Comment of the Day
Blogger Mike Bawden responds to my earlier post:
As an American doing business with people from all around the world (most of whom are located in Europe) and as a student of European history, let me say that racism is alive and well in all of Europe - not just France. The problem is that American culture tends to bring the associated violence and struggle to the surface (through the media) more often than it does in Europe. The cultural clashes in this country also tend to be more visibly obvious (i.e. "black" versus "white"; "latin" versus "anglo") than in parts of Europe.
While it has been easy for many Europeans to look at race problems and civil rights struggles in the USA with disdain, they have too often ignored the tribal differences in their own cultures that underly their own problems with ethnicity, culture and religion.
Second generation Arabs living in France, for example, are expected to consider themselves to be "French" first and to lose their national identity or face osterization. The concept of "African-Germans" or "Arab-French" is difficult if not impossible for many Europeans to handle. The problem, of course, is that even for those ethnic minorities who adopt their new mother country, they're often still treated as "lesser equals" by society at-large. Germans of Turkish ancestry, for example, may speak the mother tounge (German), spend their entire lives in-country and be educated in German schools, yet still not even have the right to vote in German elections because they are considered "Turkish."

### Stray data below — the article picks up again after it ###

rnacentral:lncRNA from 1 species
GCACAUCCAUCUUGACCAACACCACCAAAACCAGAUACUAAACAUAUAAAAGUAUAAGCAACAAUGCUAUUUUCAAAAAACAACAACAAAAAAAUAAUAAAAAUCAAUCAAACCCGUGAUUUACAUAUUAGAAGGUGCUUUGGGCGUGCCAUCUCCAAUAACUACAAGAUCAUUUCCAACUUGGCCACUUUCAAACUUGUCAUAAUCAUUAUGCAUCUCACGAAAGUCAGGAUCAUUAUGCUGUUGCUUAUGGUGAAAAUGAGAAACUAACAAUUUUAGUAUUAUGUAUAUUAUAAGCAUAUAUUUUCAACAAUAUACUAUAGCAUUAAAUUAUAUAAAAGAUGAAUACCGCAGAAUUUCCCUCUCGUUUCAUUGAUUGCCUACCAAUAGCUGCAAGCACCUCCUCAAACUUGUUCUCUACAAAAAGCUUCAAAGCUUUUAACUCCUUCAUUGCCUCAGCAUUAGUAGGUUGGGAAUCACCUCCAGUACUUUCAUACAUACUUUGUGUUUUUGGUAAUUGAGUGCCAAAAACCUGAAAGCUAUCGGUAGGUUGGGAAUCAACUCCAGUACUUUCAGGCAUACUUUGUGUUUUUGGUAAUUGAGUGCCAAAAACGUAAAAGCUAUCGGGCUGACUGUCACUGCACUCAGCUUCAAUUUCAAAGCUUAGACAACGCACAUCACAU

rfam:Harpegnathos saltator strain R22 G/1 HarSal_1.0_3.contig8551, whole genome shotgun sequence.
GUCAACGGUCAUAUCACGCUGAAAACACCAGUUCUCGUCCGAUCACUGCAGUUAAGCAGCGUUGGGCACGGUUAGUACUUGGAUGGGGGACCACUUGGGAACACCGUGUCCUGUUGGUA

I foresee these problems becoming increasingly difficult for Europeans as the EU continues to develop and bring more opportunities to a wide variety of European ethnicities. Conservative elements will become more radicalized - nationalistic, even. Liberals will become more frustrated with an inability to find consensus in the "European" fashion (i.e. from the top down) while ethnic minorities continue to try and find their voice in government, media and business.
It's an exciting time in Europe. And if Americans want to do more than stand on the sidelines, we would be smart to study the lessons we've learned from our on-going civil rights struggles and offer to help all parties involved.
Mike makes a point here that I forgot to mention but have heard of. Racism is alive and well in Europe and I've seen stories of Turkish Germans that have lived in Germany all their lives and are still not seen as Germans. With all our problems, the United States has tried to create a multi-ethinic society. It might be that Europe is much slower on that mark.